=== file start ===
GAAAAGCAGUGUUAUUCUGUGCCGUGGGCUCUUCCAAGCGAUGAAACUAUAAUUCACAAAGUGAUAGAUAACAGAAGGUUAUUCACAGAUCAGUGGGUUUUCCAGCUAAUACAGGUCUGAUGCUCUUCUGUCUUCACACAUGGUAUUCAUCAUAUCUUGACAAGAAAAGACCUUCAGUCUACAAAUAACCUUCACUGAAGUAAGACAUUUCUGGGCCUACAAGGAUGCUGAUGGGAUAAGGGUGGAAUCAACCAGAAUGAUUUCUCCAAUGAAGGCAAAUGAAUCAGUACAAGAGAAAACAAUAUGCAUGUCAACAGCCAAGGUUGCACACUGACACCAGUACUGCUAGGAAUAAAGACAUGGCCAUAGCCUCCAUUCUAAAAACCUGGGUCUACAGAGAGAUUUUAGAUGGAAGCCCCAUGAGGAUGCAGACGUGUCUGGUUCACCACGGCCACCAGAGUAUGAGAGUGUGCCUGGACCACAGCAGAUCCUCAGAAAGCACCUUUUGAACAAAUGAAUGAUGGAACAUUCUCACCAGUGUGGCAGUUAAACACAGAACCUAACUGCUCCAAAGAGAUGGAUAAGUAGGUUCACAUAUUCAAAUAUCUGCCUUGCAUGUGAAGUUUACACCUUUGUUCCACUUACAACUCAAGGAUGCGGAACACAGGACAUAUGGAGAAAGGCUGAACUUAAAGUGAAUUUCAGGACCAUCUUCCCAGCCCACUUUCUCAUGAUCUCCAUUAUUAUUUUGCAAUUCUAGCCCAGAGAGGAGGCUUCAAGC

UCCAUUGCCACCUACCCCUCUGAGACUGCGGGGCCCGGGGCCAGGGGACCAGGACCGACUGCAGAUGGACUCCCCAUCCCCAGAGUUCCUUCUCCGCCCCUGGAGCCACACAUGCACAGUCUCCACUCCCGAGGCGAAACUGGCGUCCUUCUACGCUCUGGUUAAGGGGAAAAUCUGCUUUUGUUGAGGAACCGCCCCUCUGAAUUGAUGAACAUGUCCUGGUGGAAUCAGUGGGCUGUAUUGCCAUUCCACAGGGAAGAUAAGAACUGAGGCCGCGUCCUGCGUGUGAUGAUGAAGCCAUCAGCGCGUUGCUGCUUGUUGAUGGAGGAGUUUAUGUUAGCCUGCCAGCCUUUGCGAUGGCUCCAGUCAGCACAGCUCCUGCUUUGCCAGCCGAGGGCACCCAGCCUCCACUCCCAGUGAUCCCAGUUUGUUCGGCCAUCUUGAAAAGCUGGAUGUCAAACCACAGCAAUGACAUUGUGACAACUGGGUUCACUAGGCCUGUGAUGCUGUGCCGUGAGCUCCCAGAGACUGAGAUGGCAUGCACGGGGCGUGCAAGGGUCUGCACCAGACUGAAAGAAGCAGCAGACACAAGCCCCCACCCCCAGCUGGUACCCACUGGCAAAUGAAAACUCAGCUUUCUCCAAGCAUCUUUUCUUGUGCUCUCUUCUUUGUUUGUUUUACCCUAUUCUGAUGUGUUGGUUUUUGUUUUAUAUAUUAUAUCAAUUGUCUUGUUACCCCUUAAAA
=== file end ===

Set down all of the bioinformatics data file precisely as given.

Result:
GAAAAGCAGUGUUAUUCUGUGCCGUGGGCUCUUCCAAGCGAUGAAACUAUAAUUCACAAAGUGAUAGAUAACAGAAGGUUAUUCACAGAUCAGUGGGUUUUCCAGCUAAUACAGGUCUGAUGCUCUUCUGUCUUCACACAUGGUAUUCAUCAUAUCUUGACAAGAAAAGACCUUCAGUCUACAAAUAACCUUCACUGAAGUAAGACAUUUCUGGGCCUACAAGGAUGCUGAUGGGAUAAGGGUGGAAUCAACCAGAAUGAUUUCUCCAAUGAAGGCAAAUGAAUCAGUACAAGAGAAAACAAUAUGCAUGUCAACAGCCAAGGUUGCACACUGACACCAGUACUGCUAGGAAUAAAGACAUGGCCAUAGCCUCCAUUCUAAAAACCUGGGUCUACAGAGAGAUUUUAGAUGGAAGCCCCAUGAGGAUGCAGACGUGUCUGGUUCACCACGGCCACCAGAGUAUGAGAGUGUGCCUGGACCACAGCAGAUCCUCAGAAAGCACCUUUUGAACAAAUGAAUGAUGGAACAUUCUCACCAGUGUGGCAGUUAAACACAGAACCUAACUGCUCCAAAGAGAUGGAUAAGUAGGUUCACAUAUUCAAAUAUCUGCCUUGCAUGUGAAGUUUACACCUUUGUUCCACUUACAACUCAAGGAUGCGGAACACAGGACAUAUGGAGAAAGGCUGAACUUAAAGUGAAUUUCAGGACCAUCUUCCCAGCCCACUUUCUCAUGAUCUCCAUUAUUAUUUUGCAAUUCUAGCCCAGAGAGGAGGCUUCAAGC

UCCAUUGCCACCUACCCCUCUGAGACUGCGGGGCCCGGGGCCAGGGGACCAGGACCGACUGCAGAUGGACUCCCCAUCCCCAGAGUUCCUUCUCCGCCCCUGGAGCCACACAUGCACAGUCUCCACUCCCGAGGCGAAACUGGCGUCCUUCUACGCUCUGGUUAAGGGGAAAAUCUGCUUUUGUUGAGGAACCGCCCCUCUGAAUUGAUGAACAUGUCCUGGUGGAAUCAGUGGGCUGUAUUGCCAUUCCACAGGGAAGAUAAGAACUGAGGCCGCGUCCUGCGUGUGAUGAUGAAGCCAUCAGCGCGUUGCUGCUUGUUGAUGGAGGAGUUUAUGUUAGCCUGCCAGCCUUUGCGAUGGCUCCAGUCAGCACAGCUCCUGCUUUGCCAGCCGAGGGCACCCAGCCUCCACUCCCAGUGAUCCCAGUUUGUUCGGCCAUCUUGAAAAGCUGGAUGUCAAACCACAGCAAUGACAUUGUGACAACUGGGUUCACUAGGCCUGUGAUGCUGUGCCGUGAGCUCCCAGAGACUGAGAUGGCAUGCACGGGGCGUGCAAGGGUCUGCACCAGACUGAAAGAAGCAGCAGACACAAGCCCCCACCCCCAGCUGGUACCCACUGGCAAAUGAAAACUCAGCUUUCUCCAAGCAUCUUUUCUUGUGCUCUCUUCUUUGUUUGUUUUACCCUAUUCUGAUGUGUUGGUUUUUGUUUUAUAUAUUAUAUCAAUUGUCUUGUUACCCCUUAAAA